So when I was coming up with the idea for these meal plans, I talked to a bunch of my friends and asked them why they didn’t cook and what they hated about cooking and what intimidated them about cooking. And one thing that surprised me was that more than one person was intimidated by recipes that call for a lot of spices.
I was very fortunate to grow up with a mom who cooked from scratch, and a well-stocked spice rack was and still is part of her repertoire. When she remodeled her kitchen, she created a special giant rotating cabinet for her spices.
But that that hasn’t been a lot of people’s experience. Which is why I sat down and made my Top 7 Essential Spices list (it was going to be six, but I had to get an Italian herb blend in there), which are the only spices you absolutely have to have to make these recipes. Occasionally I’ll throw in some optional extras like turmeric and sage, but if you’re just starting out your spice rack, this keeps it manageable until that time when you’re ready to spread your spice wings and fly.
And you will, because once you taste what humble pieces of dried leaf or crushed seeds can do to your food, you will say, “Give me more!” And eventually you’ll find yourself drooling in the spice aisle at the grocery store, or panicking when you get a gift certificate to Williams-Sonoma because how are you ever going to choose? If you know what I’m talking about, well, you know what I’m talking about.
So, to wrap this up, let’s talk about the spice that is probably the most familiar and friendly, and why I like it so much: cinnamon.
- There’s been a lot of talk lately about how cinnamon is good for you. It’s good for your blood sugar, your metabolism, inflammation, and all sorts of other things. However, don’t overdo it. I started drinking cinnamon tea a little too regularly in the morning after reading this article and let’s just say that something else started being not so regular. Cinnamon is dry.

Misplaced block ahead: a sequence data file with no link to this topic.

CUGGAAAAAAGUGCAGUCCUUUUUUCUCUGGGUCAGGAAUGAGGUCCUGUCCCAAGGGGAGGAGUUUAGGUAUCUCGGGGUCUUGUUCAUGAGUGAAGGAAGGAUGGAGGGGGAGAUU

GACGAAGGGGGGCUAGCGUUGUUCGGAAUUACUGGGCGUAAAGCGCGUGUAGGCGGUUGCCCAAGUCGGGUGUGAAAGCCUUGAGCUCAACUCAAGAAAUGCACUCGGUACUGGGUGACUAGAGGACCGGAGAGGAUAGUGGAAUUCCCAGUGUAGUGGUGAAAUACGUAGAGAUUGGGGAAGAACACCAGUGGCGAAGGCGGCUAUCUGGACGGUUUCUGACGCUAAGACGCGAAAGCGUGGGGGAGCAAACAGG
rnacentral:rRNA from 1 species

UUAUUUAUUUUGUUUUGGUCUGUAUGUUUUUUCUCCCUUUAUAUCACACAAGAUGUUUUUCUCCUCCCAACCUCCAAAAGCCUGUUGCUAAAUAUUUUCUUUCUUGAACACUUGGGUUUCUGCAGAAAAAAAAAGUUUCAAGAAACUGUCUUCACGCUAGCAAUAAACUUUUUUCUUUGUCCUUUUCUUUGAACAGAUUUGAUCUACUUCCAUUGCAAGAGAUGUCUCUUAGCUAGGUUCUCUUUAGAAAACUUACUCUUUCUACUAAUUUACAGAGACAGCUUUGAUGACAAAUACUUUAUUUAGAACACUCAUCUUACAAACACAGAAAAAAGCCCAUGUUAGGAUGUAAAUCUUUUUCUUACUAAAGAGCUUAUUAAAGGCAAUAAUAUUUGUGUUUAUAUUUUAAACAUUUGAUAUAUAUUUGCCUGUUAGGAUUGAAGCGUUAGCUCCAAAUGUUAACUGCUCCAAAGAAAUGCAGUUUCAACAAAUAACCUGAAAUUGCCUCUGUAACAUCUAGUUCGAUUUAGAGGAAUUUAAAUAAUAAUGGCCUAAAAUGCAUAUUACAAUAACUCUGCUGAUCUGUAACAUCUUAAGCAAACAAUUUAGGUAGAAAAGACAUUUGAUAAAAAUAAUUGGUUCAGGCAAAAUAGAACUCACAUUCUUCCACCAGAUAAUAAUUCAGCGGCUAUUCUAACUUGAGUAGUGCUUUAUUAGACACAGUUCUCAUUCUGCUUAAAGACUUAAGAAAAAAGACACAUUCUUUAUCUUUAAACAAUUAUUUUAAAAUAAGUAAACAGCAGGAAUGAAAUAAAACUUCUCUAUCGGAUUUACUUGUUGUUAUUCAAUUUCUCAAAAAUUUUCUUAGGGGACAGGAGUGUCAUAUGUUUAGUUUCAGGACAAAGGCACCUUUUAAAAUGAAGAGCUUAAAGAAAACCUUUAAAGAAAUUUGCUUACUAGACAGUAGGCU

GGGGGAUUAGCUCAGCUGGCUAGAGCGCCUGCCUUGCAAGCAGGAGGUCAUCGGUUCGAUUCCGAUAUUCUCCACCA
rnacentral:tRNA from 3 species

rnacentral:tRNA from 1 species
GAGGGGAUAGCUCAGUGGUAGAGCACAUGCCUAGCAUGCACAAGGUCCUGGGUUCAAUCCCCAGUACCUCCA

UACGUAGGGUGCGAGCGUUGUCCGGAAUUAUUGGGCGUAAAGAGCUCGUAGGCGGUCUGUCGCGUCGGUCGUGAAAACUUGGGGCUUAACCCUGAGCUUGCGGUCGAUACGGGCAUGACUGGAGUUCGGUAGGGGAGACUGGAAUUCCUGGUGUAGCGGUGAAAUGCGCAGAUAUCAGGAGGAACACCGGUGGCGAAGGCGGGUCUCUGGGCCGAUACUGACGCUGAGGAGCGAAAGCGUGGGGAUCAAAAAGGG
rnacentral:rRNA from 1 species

- The best thing about cooking with cinnamon is that it’s great not only in sweet dishes and baked goods but also in savory main courses. I love cinnamon in a homemade oatmeal cookie as much as the next person, but my favorite things to do with it is season red meat, particularly ground beef. You get a lot of that in Eastern European and Moroccan cooking. I’ve made this recipe for Serbian Ground Beef, Veggie & Potato Bake countless times, and it always turns out great and tastes amazing. I leave out the beef bouillon step because you don’t need it and bouillon cubes are usually full of crap.
Serbian Shepherd’s Pie
- 1 lb. ground beef
- 1/2 medium onion
- 1 carrot
- 2 celery stalks
- 1 green bell pepper
- coconut oil
- 1 tsp paprika
- dash cinnamon
- dash cloves
- 1/2 tsp salt
- 1/4 tsp black pepper
- 1/4 tsp crushed red pepper optional
- 1/4 cup red wine
- 1 Tbsp half-and-half
- 1 lb. red or white potatoes
- Put potatoes in a large saucepan or stockpot and cover with water. Bring to a boil and cook until potatoes are fork tender, 10–15 minutes.
- Preheat oven to 400. In a skillet over medium heat, cook the beef until evenly brown, stirring occasionally, about 6–7 minutes. Meanwhile, chop onion, carrot, celery, and bell pepper.
- Remove beef from skillet, leaving juices in the pan, and set aside. Add 1 Tbsp coconut oil to the same pan and when melted, sauté green pepper, onion, carrot, and celery until tender, about 10 minutes.
- Return remaining 1/2 lb. cooked beef to skillet, and season with paprika, cinnamon, cloves, salt, black pepper, and red pepper. Stir in red wine until heated through and mostly absorbed. Remove skillet from heat and mix in half-and-half.
- Slice potatoes thinly. Lightly grease a loaf pan or small casserole dish with coconut oil. Cover the bottom of the dish with potato slices. Scoop in the beef and vegetable mixture, and top with remaining potato slices. Cover and cook 10 minutes.
If you feel like getting fancy, you can also make your own chai mix with cinnamon sticks and some other whole spices: allspice, cloves, cardamom, and ginger are my favorites, along with a stick of lemongrass.
- 2 Tbsp loose-leaf English breakfast tea
- 1 cinnamon stick
- 1 stalk dried lemongrass
- 6 cardamom pods
- 6 black peppercorns
- cream and sugar to taste
- Put tea, cinnamon, cardamom, lemongrass, and peppercorns in a regular-sized teapot.
- Bring water to a boil then remove from heat; as soon as boil subsides pour into teapot.
- Let steep 5 minutes under a tea cozy and serve with cream and sugar.